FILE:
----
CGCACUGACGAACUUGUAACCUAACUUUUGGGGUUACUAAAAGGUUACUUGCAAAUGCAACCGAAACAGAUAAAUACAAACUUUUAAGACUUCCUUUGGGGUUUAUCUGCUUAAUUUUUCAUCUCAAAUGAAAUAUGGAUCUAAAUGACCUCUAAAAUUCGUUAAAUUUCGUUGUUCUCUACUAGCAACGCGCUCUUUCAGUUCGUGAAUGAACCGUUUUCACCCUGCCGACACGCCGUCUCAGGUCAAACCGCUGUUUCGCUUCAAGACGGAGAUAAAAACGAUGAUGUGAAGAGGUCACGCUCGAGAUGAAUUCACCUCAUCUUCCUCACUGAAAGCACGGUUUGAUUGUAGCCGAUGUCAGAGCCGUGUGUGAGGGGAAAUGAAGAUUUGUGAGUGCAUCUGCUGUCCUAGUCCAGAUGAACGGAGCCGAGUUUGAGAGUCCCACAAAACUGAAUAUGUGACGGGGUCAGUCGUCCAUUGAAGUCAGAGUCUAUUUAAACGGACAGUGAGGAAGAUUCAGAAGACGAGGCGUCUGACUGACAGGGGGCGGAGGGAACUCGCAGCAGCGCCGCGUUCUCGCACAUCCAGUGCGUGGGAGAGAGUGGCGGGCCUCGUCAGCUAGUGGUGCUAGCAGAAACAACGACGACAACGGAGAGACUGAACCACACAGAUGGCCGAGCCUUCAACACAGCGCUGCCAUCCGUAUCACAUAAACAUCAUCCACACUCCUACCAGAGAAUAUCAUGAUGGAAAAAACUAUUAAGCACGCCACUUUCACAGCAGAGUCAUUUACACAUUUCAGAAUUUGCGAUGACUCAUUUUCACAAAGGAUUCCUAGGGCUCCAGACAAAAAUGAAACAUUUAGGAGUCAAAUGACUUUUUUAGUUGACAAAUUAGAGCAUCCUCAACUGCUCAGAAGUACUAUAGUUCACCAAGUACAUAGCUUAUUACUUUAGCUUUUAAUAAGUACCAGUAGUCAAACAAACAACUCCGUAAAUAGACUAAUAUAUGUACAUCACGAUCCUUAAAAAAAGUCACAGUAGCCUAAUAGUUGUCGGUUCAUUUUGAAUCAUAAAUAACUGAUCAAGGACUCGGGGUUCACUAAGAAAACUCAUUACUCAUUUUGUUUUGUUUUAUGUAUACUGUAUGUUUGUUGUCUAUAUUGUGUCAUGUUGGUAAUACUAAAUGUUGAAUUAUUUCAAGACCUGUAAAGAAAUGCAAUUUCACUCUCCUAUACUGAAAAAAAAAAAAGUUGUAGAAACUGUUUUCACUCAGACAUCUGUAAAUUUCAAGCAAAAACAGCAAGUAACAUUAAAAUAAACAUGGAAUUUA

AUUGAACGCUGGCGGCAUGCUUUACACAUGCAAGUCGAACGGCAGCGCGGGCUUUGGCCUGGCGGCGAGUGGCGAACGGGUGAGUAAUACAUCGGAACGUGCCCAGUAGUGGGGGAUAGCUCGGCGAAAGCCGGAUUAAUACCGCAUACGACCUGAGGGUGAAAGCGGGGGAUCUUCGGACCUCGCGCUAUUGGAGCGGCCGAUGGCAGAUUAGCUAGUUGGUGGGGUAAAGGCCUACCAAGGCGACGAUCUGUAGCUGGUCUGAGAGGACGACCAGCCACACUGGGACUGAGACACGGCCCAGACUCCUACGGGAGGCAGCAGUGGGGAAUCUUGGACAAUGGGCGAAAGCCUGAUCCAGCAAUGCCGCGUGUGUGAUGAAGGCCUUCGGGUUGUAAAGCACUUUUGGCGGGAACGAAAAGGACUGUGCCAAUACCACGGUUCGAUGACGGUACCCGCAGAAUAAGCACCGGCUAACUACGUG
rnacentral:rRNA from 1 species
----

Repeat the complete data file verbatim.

CGCACUGACGAACUUGUAACCUAACUUUUGGGGUUACUAAAAGGUUACUUGCAAAUGCAACCGAAACAGAUAAAUACAAACUUUUAAGACUUCCUUUGGGGUUUAUCUGCUUAAUUUUUCAUCUCAAAUGAAAUAUGGAUCUAAAUGACCUCUAAAAUUCGUUAAAUUUCGUUGUUCUCUACUAGCAACGCGCUCUUUCAGUUCGUGAAUGAACCGUUUUCACCCUGCCGACACGCCGUCUCAGGUCAAACCGCUGUUUCGCUUCAAGACGGAGAUAAAAACGAUGAUGUGAAGAGGUCACGCUCGAGAUGAAUUCACCUCAUCUUCCUCACUGAAAGCACGGUUUGAUUGUAGCCGAUGUCAGAGCCGUGUGUGAGGGGAAAUGAAGAUUUGUGAGUGCAUCUGCUGUCCUAGUCCAGAUGAACGGAGCCGAGUUUGAGAGUCCCACAAAACUGAAUAUGUGACGGGGUCAGUCGUCCAUUGAAGUCAGAGUCUAUUUAAACGGACAGUGAGGAAGAUUCAGAAGACGAGGCGUCUGACUGACAGGGGGCGGAGGGAACUCGCAGCAGCGCCGCGUUCUCGCACAUCCAGUGCGUGGGAGAGAGUGGCGGGCCUCGUCAGCUAGUGGUGCUAGCAGAAACAACGACGACAACGGAGAGACUGAACCACACAGAUGGCCGAGCCUUCAACACAGCGCUGCCAUCCGUAUCACAUAAACAUCAUCCACACUCCUACCAGAGAAUAUCAUGAUGGAAAAAACUAUUAAGCACGCCACUUUCACAGCAGAGUCAUUUACACAUUUCAGAAUUUGCGAUGACUCAUUUUCACAAAGGAUUCCUAGGGCUCCAGACAAAAAUGAAACAUUUAGGAGUCAAAUGACUUUUUUAGUUGACAAAUUAGAGCAUCCUCAACUGCUCAGAAGUACUAUAGUUCACCAAGUACAUAGCUUAUUACUUUAGCUUUUAAUAAGUACCAGUAGUCAAACAAACAACUCCGUAAAUAGACUAAUAUAUGUACAUCACGAUCCUUAAAAAAAGUCACAGUAGCCUAAUAGUUGUCGGUUCAUUUUGAAUCAUAAAUAACUGAUCAAGGACUCGGGGUUCACUAAGAAAACUCAUUACUCAUUUUGUUUUGUUUUAUGUAUACUGUAUGUUUGUUGUCUAUAUUGUGUCAUGUUGGUAAUACUAAAUGUUGAAUUAUUUCAAGACCUGUAAAGAAAUGCAAUUUCACUCUCCUAUACUGAAAAAAAAAAAAGUUGUAGAAACUGUUUUCACUCAGACAUCUGUAAAUUUCAAGCAAAAACAGCAAGUAACAUUAAAAUAAACAUGGAAUUUA

AUUGAACGCUGGCGGCAUGCUUUACACAUGCAAGUCGAACGGCAGCGCGGGCUUUGGCCUGGCGGCGAGUGGCGAACGGGUGAGUAAUACAUCGGAACGUGCCCAGUAGUGGGGGAUAGCUCGGCGAAAGCCGGAUUAAUACCGCAUACGACCUGAGGGUGAAAGCGGGGGAUCUUCGGACCUCGCGCUAUUGGAGCGGCCGAUGGCAGAUUAGCUAGUUGGUGGGGUAAAGGCCUACCAAGGCGACGAUCUGUAGCUGGUCUGAGAGGACGACCAGCCACACUGGGACUGAGACACGGCCCAGACUCCUACGGGAGGCAGCAGUGGGGAAUCUUGGACAAUGGGCGAAAGCCUGAUCCAGCAAUGCCGCGUGUGUGAUGAAGGCCUUCGGGUUGUAAAGCACUUUUGGCGGGAACGAAAAGGACUGUGCCAAUACCACGGUUCGAUGACGGUACCCGCAGAAUAAGCACCGGCUAACUACGUG
rnacentral:rRNA from 1 species